Java I: The Java Menace


Step One: Who is the customer?

Our first step will be to tell the pizza place who the customer is. When we tell the pizza place who the customer is, we should probably include some important information like the name, street address, and an email address.

To store this customer data in the computer, use something called a class. A class gives us a template that we can use to define objects. An object is an instance of a class with defined variables. For us, those variables will include name and address. Once we plug these values into the template, we’ve created an object.

new Customer("Greg", "123 Sesame Street", "[email protected]");

We want to hold onto this object for later, so we have to give it a nickname. By giving it a name, we assign the specific customer object (and all the data stored within it) to a variable.

You can name your variable anything you wish, as long as it doesn't have spaces. It is common practice for the first letter of your variable name to begin with a lowercase letter, and for the first letter of every subsequent word to begin with a capital. It is courteous for variable names to accurately but briefly descriptive the object they hold. I will call my variable greg. Another acceptable variable name is customer.

Customer greg = new Customer("Greg", "123 Sesame Street", "[email protected]");

Step Two: Where is the pizza place?

Now that we have the Customer object setup, the second step will be to find the nearest pizza place. To do this, we are going to use a method. A method is like a special trick that a class can do (similar to how dogs can do special tricks). We will be using a method to find the nearest store to the customer's address.

The method we need for this step is embedded in inside of a class called StoreLocator. Think of StoreLocator like a folder that holds methods inside it related to finding a pizza store.


The dot in between StoreLocator and findClosestStoreToCustomer() is how we ask an object, "Hey, could you do this thing for me?" For example, we could call greg.getName() to ask the greg object what its name was. In this example, it would return "Greg".

Likewise for this instance, we are calling out, "Hey StoreLocator! Can you tell me what the closest store is?" For this instance, however, the StoreLocator class does not know our location, because we have not yet provided it. The findClosestStoreToCustomer() method has a parameter. Often times methods need additional input to do their calculations. Without the parameter, the method will not have enough information to do what it needs to do. This specific method needs a Customer object for its calculations, since it needs to find the closest store to a customer.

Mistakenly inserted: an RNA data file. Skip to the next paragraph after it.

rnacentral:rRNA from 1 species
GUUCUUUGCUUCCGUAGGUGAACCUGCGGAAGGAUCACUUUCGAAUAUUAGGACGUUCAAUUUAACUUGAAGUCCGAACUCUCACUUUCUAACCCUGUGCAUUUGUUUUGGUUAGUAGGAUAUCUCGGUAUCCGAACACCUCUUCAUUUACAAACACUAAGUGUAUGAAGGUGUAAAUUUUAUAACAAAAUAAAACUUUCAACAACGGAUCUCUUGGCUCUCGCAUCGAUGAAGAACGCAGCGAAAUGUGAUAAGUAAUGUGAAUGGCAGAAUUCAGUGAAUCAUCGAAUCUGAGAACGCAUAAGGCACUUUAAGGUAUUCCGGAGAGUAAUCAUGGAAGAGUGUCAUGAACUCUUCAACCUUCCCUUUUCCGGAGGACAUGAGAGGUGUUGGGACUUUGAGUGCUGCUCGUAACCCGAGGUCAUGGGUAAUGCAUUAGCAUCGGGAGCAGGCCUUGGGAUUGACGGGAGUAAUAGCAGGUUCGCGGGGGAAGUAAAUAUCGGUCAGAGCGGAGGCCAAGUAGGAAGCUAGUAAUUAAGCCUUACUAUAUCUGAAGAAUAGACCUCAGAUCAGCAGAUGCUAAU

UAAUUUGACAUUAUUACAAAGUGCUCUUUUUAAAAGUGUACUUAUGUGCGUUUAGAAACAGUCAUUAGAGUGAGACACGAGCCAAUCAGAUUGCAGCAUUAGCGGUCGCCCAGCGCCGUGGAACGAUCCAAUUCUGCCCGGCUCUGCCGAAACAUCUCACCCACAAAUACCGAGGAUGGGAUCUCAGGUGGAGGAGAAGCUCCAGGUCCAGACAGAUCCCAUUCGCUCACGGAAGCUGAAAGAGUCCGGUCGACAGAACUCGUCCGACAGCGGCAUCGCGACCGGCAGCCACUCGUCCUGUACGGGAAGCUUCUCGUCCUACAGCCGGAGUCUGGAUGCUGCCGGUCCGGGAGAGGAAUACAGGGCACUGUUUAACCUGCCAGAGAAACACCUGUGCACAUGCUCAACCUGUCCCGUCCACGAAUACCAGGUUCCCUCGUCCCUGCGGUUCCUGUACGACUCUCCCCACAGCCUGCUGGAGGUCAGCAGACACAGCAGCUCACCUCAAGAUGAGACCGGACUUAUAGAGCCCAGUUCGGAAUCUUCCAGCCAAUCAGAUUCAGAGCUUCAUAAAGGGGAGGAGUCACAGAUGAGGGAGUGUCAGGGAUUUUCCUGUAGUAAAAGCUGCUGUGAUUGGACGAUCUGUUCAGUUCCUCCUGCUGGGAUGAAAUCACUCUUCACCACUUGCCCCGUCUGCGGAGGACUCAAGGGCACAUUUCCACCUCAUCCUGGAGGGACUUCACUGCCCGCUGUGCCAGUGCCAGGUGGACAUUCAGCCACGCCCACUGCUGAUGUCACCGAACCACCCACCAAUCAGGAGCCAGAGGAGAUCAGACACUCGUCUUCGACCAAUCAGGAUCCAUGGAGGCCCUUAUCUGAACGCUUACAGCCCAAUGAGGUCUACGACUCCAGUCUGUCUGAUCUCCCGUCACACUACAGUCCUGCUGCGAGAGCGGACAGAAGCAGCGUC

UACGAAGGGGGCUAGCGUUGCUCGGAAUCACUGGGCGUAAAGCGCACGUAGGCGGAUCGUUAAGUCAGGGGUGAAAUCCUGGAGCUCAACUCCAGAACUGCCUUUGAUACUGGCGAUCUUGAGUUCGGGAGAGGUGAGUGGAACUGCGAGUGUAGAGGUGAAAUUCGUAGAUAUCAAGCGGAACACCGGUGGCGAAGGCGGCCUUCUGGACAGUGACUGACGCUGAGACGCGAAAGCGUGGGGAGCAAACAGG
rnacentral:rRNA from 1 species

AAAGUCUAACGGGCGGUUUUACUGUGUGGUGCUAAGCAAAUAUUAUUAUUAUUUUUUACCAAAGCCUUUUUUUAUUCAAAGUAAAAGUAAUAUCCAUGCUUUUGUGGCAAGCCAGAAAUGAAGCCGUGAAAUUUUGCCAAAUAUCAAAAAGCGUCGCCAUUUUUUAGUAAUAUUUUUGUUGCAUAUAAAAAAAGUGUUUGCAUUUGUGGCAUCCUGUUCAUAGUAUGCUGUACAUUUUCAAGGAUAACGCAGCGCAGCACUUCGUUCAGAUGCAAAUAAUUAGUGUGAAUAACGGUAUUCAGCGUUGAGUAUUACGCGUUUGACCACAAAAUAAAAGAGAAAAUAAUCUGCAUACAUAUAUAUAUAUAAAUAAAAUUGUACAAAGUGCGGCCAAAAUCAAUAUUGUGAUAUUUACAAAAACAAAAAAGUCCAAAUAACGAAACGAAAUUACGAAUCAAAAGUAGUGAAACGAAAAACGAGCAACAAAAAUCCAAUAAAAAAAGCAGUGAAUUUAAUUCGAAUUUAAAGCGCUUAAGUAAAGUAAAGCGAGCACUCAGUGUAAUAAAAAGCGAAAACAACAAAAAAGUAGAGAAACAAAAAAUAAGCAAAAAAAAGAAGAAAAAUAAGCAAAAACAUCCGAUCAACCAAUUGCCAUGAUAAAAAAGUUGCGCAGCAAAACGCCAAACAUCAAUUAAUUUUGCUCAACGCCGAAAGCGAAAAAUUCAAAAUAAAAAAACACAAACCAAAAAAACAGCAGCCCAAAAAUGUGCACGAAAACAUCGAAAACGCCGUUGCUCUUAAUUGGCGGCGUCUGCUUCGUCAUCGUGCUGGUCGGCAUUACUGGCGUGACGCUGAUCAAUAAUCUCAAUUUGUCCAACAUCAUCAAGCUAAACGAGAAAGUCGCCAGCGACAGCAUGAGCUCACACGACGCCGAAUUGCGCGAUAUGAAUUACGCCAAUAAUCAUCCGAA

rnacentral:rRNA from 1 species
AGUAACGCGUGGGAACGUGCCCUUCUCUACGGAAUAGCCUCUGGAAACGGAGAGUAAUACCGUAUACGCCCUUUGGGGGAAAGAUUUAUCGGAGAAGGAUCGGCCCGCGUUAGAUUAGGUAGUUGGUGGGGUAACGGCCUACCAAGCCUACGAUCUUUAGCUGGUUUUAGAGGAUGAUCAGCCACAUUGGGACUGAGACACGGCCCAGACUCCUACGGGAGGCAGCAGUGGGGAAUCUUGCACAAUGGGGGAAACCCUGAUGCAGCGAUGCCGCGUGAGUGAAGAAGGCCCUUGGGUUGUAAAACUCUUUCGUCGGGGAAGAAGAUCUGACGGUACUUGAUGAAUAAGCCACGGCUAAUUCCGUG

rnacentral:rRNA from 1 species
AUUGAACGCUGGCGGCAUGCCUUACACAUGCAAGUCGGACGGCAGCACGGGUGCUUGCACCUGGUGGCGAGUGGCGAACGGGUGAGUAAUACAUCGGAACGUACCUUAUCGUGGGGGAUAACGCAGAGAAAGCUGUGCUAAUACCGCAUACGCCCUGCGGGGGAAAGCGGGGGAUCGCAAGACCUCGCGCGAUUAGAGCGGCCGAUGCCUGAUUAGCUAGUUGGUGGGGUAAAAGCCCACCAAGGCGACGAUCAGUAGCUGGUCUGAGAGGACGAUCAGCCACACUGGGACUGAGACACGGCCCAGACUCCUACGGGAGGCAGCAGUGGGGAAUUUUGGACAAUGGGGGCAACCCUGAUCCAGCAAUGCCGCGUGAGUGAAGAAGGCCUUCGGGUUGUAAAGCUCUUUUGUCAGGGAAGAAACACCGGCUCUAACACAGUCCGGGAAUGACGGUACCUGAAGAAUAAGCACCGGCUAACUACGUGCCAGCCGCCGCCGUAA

Now that we have the nearest store information, we need to assign it to a variable so we can keep it for later. Remember that you may name your variable as you wish. The variable name I have chosen is gregStore.

Store gregStore = StoreLocator.findClosestStoreToCustomer(greg);

Step Three: What is the order?

The next step will be to create our order. I want a large cheese pizza and small soda. To build the order, we will need to use another class called Order.

We will begin by creating a new Order object by providing two parameters: the Customer object and the Store object. Be sure to assign the Order object to a variable.

Order gregOrder = new Order(greg, gregStore);

The Order object has a method called addItem() that can add items to the order. I will use it to add a large cheese pizza and small soda, but you can add any items that you want.

gregOrder.addItem("LARGE CHEESE PIZZA");
gregOrder.addItem("SMALL SODA");

Step Four: How do we provide payment?

Last but not least, we must provide a credit card number to the pizza place so they can process the payment. We will be creating a new CreditCard object from the CreditCard class in a process very similar to how we created the Customer object. The three parameters this time are the 16-digit card number, the MM/YY expiration date, and the 3-digit CVV number. Don't forget to assign the object to a variable.

CreditCard gregCard = new CreditCard("4539166576384037", "05/20", "397");

Psst... don't use a real credit card. Just be sure the number you provide is 16 digits long.

Submitting the order

The order is complete, now we must submit it to the pizza place! The Store object has a method called placeOrder(). It takes two arguments: the order and the card.

gregStore.placeOrder(gregOrder, gregCard);

And that's all there is to it! Continue on to the next page so you can use the code we just went over to fill out your own order.

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